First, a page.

The Young and the Rentless - Development Week

ADDITIONAL CONTRIBUTORS Matthew DeMello

Photo by echiner1.

Whether you’re a “transplant” or a native, the thought of living in New York City without paying rent may seem like such an impossibility it could only be the result of incredible fortune or the misfortune of general homelessness. In the past 10-plus years the city has endured widespread gentrification, making the ability to live life outside of the monthly tug-of-war with one’s bank account difficult to imagine for younger, more marginalized home buyers.

Though for your average twentysomethings in the Big Apple, the answer to coming up with enough money to buy a home isn’t always as lofty as hoping to win some figurative lottery or finding a long lost wealthy relative to be your patron. The most ambitious of financial advisors argue that it is indeed possible to take substantive steps toward home ownership while living paycheck-to-paycheck.

On face value, considering this option makes as much as sense as listening to an obvious Pyramid scheme over lunch with an old college friend. With an already recovering economy holding its breath every few months as Washington decides whether or not the nation will continue to function normally, how could the current housing climate sound even remotely palatable for prospective home ownership?

Regardless of whether the argument makes you decide to jump into real estate, the math makes sense. Since the economy is still bouncing back from a housing bubble, prices are as well to compensate from a massive decrease in homeownership since the dawn of the crash.

Another fortunate side effect of the economic recovery is that the cost of borrowing money has actually gone down. According to real estate agent Roberto Gonzalez of the “Live Rent-Free in NYC” workshops, if you’re crazy enough to take out a $100,000 loan from a bank at a rate in the ballpark of four percent, that would mean paying only roughly $400 a month to have enough capital for a purchase into one of the toughest real estate markets on the planet.

The rest of Gonzalez’s plan includes subletting and/or renting that space above that price and pocketing the profit, but as critics have pointed out, doing so comes with a lot of uncertainty. Also, is is not terribly likely that a trustworthy bank would give out a loan of that magnitude to a young professional with only a nice smile and arguably average credit.

However, in support of Gonzalez and others who encourage the young to hop into the housing market, there are success stories to go around. Take for instance Polly Mosendz, a 22-year-old who is not “an Ecclestone sister, fertilizer heiress, or start up sell out,” who managed to land her own apartment in Greenwich Village.

As she testifies in an op-ed for The New York Observer, Mosendz was paying two grand a month for a “glorified attic” on the fourth floor of an Alphabet City complex before becoming a happy apartment owner. Her neighbors comprised of other twentysomethings who resigned themselves to believing that such a cost of living was simply their lot in life.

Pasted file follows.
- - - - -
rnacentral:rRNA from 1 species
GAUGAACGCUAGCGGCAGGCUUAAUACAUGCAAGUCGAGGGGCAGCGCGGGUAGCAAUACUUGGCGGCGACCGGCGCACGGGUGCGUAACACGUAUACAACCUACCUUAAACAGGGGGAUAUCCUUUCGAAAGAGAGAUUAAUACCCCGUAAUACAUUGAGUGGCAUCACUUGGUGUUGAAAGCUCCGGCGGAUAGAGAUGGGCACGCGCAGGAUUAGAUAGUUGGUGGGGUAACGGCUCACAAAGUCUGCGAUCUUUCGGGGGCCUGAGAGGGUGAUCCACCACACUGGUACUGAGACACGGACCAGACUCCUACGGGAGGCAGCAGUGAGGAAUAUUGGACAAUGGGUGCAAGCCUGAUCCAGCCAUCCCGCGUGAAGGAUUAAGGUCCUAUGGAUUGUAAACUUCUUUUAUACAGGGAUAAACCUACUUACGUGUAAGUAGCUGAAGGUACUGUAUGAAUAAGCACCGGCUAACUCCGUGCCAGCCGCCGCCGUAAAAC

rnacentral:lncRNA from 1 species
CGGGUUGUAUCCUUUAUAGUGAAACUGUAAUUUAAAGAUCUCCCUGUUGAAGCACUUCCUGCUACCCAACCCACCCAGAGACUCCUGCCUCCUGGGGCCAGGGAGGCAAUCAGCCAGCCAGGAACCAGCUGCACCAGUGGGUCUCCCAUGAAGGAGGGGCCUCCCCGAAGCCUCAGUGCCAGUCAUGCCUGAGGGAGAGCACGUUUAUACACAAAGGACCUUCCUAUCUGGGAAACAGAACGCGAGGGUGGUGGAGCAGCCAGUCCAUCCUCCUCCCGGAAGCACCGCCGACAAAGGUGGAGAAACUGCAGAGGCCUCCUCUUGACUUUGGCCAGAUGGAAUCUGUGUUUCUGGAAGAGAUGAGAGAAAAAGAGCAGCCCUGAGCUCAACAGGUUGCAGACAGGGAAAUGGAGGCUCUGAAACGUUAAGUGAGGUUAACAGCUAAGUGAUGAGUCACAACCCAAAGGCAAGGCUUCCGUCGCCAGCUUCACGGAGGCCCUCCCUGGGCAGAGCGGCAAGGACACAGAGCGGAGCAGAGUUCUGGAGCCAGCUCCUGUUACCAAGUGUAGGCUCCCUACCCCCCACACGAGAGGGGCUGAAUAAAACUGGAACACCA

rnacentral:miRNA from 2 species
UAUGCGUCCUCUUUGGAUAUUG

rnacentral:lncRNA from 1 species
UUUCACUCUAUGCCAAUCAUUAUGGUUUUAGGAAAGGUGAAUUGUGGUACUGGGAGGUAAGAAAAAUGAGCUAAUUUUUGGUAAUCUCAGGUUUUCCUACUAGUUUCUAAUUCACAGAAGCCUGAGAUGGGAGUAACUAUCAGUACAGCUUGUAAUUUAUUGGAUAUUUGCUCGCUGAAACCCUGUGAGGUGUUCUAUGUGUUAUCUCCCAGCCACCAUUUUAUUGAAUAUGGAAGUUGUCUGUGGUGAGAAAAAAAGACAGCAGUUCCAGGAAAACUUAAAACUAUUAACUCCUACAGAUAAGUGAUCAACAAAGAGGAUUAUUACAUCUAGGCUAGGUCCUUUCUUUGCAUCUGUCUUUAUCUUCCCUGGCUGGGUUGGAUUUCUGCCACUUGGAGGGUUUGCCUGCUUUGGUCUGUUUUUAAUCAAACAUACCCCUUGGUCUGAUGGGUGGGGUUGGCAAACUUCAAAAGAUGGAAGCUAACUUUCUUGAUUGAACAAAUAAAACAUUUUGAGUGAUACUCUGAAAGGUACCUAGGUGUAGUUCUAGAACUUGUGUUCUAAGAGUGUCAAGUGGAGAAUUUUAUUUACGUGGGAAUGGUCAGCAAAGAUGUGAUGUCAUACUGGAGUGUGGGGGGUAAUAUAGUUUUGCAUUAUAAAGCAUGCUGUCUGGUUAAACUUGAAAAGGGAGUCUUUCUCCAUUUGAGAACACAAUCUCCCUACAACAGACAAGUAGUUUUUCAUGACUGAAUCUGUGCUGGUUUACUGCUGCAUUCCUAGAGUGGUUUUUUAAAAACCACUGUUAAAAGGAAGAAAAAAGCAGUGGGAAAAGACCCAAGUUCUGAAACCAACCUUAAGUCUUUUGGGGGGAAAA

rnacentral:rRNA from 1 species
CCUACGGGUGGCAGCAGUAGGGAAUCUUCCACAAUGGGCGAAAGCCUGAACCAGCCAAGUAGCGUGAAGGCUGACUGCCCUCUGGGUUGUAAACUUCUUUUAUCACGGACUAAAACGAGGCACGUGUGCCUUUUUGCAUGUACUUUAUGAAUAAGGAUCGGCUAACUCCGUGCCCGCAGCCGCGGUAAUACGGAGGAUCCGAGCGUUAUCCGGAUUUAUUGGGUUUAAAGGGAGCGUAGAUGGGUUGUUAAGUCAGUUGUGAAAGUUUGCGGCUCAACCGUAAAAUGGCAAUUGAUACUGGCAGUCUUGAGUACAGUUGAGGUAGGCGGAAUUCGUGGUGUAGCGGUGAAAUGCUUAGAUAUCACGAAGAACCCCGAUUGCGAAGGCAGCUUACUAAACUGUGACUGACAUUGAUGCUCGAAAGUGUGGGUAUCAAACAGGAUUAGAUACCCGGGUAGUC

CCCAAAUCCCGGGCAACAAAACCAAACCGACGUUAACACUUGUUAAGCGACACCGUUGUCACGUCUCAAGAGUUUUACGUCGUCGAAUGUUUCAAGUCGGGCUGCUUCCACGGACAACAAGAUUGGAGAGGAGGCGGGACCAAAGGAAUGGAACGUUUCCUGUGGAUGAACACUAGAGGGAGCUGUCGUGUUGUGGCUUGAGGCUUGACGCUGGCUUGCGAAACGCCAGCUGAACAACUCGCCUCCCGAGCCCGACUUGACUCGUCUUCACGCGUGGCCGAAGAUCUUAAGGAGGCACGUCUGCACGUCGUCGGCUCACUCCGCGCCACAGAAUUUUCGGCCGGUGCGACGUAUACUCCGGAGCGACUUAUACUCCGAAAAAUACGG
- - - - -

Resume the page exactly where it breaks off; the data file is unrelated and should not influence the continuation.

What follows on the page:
If there’s any catch to her story, it’s that Mosendz did have a little help in terms of capital. With some life savings set aside combined with a nest egg from her family, $50,000 helped her land a “shockingly small” mortgage (by Manhattan standards) of $150,000.

Which isn’t to say that Mosendz’s ride through the real estate world was a cakewalk. The recent college grad was consistently given long-eyed stares by real estate and loan agents because her age (though not always). The process of obtaining a loan was not without obstacles either. While helpful gurus like Gonzalez claim that the rates for borrowing are currently at historic lows (and they are), Mosendz ended up taking a personal loan with high interest, citing the fact that doing so can be helpful to young buyers with limited credit history.

While getting a personal loan with a higher rate can be safer for some buyers, it also comes with significant risks that many recent college grads finding their way in the real world may not be fully equipped to handle just yet.

Perhaps that’s the best takeaway that a young person can glean from these numerous stories of financial advisors, burgeoning twentysomething purchasers, and home ownership workshops: that while possible, it is a long road to living without paying rent. Even in her new found castle, Mosendz contends that there still are some painful expenses (read: maintenance fee checks).

Though you sitting at home may not have a $50,000 nest egg to start with, there are still many ways you can start taking pragmatic steps to living without rent. To begin, check out more on Gonzalez’s acclaimed workshop (and its critics), available through Skillshare. Here’s to hoping there’s not another housing bubble about to burst on the horizon.

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